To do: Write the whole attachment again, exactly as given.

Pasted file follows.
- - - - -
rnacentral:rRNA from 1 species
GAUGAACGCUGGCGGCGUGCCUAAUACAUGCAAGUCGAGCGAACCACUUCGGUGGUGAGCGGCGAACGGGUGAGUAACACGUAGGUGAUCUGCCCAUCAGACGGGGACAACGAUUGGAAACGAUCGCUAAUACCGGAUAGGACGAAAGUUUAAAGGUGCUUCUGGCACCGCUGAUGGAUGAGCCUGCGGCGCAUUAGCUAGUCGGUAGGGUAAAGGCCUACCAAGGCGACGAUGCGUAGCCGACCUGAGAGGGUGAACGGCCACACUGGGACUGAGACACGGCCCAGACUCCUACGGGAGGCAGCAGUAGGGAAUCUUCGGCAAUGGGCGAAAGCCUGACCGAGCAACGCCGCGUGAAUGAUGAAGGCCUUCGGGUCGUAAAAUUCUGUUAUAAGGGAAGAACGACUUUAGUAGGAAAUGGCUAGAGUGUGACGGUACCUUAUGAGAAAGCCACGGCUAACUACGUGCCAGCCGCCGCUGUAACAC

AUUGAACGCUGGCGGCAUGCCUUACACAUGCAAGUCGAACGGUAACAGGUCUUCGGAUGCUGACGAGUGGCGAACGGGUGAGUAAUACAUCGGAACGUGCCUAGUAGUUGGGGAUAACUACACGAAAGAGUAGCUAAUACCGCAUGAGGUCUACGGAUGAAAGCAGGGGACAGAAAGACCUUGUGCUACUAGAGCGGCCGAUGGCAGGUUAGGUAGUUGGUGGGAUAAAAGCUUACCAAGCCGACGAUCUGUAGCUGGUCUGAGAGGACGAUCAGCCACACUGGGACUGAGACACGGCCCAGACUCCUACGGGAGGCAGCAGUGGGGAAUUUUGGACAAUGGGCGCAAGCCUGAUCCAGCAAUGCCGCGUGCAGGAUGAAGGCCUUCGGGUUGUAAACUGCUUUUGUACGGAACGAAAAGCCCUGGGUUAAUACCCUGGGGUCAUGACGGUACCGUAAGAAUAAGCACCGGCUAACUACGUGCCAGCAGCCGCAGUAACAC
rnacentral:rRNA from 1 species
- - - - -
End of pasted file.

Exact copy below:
rnacentral:rRNA from 1 species
GAUGAACGCUGGCGGCGUGCCUAAUACAUGCAAGUCGAGCGAACCACUUCGGUGGUGAGCGGCGAACGGGUGAGUAACACGUAGGUGAUCUGCCCAUCAGACGGGGACAACGAUUGGAAACGAUCGCUAAUACCGGAUAGGACGAAAGUUUAAAGGUGCUUCUGGCACCGCUGAUGGAUGAGCCUGCGGCGCAUUAGCUAGUCGGUAGGGUAAAGGCCUACCAAGGCGACGAUGCGUAGCCGACCUGAGAGGGUGAACGGCCACACUGGGACUGAGACACGGCCCAGACUCCUACGGGAGGCAGCAGUAGGGAAUCUUCGGCAAUGGGCGAAAGCCUGACCGAGCAACGCCGCGUGAAUGAUGAAGGCCUUCGGGUCGUAAAAUUCUGUUAUAAGGGAAGAACGACUUUAGUAGGAAAUGGCUAGAGUGUGACGGUACCUUAUGAGAAAGCCACGGCUAACUACGUGCCAGCCGCCGCUGUAACAC

AUUGAACGCUGGCGGCAUGCCUUACACAUGCAAGUCGAACGGUAACAGGUCUUCGGAUGCUGACGAGUGGCGAACGGGUGAGUAAUACAUCGGAACGUGCCUAGUAGUUGGGGAUAACUACACGAAAGAGUAGCUAAUACCGCAUGAGGUCUACGGAUGAAAGCAGGGGACAGAAAGACCUUGUGCUACUAGAGCGGCCGAUGGCAGGUUAGGUAGUUGGUGGGAUAAAAGCUUACCAAGCCGACGAUCUGUAGCUGGUCUGAGAGGACGAUCAGCCACACUGGGACUGAGACACGGCCCAGACUCCUACGGGAGGCAGCAGUGGGGAAUUUUGGACAAUGGGCGCAAGCCUGAUCCAGCAAUGCCGCGUGCAGGAUGAAGGCCUUCGGGUUGUAAACUGCUUUUGUACGGAACGAAAAGCCCUGGGUUAAUACCCUGGGGUCAUGACGGUACCGUAAGAAUAAGCACCGGCUAACUACGUGCCAGCAGCCGCAGUAACAC
rnacentral:rRNA from 1 species